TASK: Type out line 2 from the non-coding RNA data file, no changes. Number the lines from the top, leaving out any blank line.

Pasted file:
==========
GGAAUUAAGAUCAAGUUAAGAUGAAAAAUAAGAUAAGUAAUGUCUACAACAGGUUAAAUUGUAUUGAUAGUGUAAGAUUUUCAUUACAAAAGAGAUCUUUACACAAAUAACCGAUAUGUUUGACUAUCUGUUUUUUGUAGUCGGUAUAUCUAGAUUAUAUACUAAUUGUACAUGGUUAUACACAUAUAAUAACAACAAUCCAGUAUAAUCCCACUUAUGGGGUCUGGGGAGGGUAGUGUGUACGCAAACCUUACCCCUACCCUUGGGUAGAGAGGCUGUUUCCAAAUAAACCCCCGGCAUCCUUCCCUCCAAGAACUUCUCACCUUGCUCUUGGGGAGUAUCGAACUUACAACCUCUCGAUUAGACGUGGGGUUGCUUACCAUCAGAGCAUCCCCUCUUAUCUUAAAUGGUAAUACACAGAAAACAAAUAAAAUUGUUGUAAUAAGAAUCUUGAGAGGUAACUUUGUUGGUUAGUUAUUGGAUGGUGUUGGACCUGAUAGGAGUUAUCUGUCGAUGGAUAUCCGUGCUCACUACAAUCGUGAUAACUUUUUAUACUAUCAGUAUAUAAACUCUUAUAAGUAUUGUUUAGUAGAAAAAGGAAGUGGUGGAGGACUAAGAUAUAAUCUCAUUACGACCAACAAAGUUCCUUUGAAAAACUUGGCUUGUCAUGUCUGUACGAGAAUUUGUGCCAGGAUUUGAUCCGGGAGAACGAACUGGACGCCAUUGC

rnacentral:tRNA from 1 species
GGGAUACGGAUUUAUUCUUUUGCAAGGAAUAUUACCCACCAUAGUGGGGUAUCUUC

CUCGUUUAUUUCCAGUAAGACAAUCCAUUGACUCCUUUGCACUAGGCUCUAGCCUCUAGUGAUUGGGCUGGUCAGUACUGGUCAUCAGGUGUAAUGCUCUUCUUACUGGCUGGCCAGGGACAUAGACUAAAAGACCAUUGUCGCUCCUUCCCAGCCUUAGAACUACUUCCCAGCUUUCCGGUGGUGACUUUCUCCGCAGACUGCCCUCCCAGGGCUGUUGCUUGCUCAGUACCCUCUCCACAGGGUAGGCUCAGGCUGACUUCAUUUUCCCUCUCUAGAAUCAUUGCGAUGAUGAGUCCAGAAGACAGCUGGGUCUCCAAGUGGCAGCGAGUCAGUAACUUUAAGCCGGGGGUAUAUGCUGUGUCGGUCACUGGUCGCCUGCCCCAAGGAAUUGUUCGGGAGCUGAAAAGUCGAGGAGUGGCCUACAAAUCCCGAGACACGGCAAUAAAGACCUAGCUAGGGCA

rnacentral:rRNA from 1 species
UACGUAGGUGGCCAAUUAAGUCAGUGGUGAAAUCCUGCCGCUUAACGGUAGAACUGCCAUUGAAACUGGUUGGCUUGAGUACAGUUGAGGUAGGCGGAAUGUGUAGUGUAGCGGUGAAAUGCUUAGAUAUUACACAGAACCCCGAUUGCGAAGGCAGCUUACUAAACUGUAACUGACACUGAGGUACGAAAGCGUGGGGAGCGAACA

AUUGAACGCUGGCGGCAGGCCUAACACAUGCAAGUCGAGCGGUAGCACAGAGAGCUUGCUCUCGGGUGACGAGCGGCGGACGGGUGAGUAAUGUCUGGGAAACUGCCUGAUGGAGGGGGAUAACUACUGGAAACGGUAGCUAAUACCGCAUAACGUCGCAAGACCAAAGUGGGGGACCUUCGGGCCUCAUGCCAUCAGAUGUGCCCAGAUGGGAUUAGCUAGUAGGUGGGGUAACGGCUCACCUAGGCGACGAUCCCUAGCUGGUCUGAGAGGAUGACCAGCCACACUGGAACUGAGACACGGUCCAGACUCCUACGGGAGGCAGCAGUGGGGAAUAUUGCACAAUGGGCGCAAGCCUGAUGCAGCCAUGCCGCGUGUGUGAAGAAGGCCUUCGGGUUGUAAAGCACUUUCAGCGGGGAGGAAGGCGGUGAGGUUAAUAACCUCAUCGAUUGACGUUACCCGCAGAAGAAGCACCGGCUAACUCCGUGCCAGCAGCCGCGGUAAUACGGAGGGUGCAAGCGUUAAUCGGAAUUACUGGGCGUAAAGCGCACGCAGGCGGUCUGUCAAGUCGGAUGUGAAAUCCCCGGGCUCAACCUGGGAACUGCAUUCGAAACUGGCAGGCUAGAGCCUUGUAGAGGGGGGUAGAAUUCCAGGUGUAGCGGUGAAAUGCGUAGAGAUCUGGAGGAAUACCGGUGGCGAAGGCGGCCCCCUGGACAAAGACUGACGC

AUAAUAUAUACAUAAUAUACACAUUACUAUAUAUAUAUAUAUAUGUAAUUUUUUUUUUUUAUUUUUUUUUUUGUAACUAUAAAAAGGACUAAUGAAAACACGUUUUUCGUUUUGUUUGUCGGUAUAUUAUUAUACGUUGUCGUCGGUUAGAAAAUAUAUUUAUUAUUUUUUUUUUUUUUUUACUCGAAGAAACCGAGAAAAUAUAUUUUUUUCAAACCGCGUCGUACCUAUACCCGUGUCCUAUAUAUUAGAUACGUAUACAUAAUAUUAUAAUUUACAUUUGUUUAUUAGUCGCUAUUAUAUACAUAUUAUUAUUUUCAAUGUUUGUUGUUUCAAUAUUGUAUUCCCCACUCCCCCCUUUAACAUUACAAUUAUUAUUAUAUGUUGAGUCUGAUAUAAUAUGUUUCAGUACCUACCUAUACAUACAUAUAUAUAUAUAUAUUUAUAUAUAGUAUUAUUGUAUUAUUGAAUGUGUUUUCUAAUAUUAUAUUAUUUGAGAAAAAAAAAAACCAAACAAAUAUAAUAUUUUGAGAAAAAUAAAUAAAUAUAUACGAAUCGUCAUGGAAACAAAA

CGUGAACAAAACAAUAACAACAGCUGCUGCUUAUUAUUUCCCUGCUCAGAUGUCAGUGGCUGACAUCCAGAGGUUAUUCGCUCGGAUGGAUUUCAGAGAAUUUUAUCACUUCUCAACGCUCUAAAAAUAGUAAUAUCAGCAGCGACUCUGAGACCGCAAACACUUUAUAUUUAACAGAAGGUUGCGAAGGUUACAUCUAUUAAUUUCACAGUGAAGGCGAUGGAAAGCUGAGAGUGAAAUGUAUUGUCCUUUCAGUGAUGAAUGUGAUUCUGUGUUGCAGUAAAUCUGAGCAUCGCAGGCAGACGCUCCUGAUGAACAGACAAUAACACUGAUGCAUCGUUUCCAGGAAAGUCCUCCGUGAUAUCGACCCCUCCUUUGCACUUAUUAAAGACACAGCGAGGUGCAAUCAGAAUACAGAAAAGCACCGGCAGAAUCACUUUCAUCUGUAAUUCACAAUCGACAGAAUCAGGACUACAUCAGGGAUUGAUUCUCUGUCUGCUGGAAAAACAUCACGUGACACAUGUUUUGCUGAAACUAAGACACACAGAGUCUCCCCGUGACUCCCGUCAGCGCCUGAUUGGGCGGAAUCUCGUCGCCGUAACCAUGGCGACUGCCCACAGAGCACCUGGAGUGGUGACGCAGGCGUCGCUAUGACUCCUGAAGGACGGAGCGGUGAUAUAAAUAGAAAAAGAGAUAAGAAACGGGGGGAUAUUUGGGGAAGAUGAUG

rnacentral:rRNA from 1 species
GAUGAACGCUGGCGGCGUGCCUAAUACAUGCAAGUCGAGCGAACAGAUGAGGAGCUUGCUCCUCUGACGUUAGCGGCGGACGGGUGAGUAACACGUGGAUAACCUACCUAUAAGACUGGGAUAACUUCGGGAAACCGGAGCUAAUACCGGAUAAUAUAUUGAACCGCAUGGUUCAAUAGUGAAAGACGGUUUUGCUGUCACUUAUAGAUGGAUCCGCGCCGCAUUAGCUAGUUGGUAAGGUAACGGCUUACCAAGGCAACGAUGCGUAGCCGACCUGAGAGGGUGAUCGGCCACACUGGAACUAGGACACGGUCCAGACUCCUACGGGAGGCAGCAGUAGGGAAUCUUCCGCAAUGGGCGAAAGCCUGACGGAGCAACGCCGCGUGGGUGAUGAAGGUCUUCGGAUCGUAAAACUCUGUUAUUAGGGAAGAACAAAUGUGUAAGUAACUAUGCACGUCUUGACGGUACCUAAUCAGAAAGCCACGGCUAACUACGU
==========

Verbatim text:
rnacentral:tRNA from 1 species